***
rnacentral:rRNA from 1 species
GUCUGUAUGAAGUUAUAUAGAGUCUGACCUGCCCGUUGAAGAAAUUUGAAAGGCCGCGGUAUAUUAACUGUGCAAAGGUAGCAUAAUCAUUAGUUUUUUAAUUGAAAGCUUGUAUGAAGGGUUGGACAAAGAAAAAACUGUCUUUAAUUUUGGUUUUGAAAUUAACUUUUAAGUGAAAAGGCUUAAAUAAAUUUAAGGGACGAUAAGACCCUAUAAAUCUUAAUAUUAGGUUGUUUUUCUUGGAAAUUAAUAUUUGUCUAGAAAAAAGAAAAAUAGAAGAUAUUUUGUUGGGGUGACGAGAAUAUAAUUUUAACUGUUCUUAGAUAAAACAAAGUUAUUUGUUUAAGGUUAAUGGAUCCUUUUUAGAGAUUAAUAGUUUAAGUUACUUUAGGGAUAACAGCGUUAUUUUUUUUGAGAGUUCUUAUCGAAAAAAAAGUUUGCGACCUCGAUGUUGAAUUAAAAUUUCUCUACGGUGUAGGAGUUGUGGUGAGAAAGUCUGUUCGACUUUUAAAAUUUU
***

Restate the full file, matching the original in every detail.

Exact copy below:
rnacentral:rRNA from 1 species
GUCUGUAUGAAGUUAUAUAGAGUCUGACCUGCCCGUUGAAGAAAUUUGAAAGGCCGCGGUAUAUUAACUGUGCAAAGGUAGCAUAAUCAUUAGUUUUUUAAUUGAAAGCUUGUAUGAAGGGUUGGACAAAGAAAAAACUGUCUUUAAUUUUGGUUUUGAAAUUAACUUUUAAGUGAAAAGGCUUAAAUAAAUUUAAGGGACGAUAAGACCCUAUAAAUCUUAAUAUUAGGUUGUUUUUCUUGGAAAUUAAUAUUUGUCUAGAAAAAAGAAAAAUAGAAGAUAUUUUGUUGGGGUGACGAGAAUAUAAUUUUAACUGUUCUUAGAUAAAACAAAGUUAUUUGUUUAAGGUUAAUGGAUCCUUUUUAGAGAUUAAUAGUUUAAGUUACUUUAGGGAUAACAGCGUUAUUUUUUUUGAGAGUUCUUAUCGAAAAAAAAGUUUGCGACCUCGAUGUUGAAUUAAAAUUUCUCUACGGUGUAGGAGUUGUGGUGAGAAAGUCUGUUCGACUUUUAAAAUUUU